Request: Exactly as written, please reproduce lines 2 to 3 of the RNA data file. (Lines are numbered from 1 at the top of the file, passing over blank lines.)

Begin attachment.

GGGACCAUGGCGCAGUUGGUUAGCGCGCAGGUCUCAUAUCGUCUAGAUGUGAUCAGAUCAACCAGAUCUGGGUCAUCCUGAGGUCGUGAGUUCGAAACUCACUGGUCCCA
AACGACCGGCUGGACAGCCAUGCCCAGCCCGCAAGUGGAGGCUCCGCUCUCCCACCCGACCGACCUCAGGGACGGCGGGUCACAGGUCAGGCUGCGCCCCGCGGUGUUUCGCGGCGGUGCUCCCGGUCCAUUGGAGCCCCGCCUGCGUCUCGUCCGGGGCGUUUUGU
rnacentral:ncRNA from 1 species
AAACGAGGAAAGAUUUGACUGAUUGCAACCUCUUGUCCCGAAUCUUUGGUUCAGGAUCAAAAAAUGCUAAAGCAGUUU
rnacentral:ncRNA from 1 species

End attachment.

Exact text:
AACGACCGGCUGGACAGCCAUGCCCAGCCCGCAAGUGGAGGCUCCGCUCUCCCACCCGACCGACCUCAGGGACGGCGGGUCACAGGUCAGGCUGCGCCCCGCGGUGUUUCGCGGCGGUGCUCCCGGUCCAUUGGAGCCCCGCCUGCGUCUCGUCCGGGGCGUUUUGU
rnacentral:ncRNA from 1 species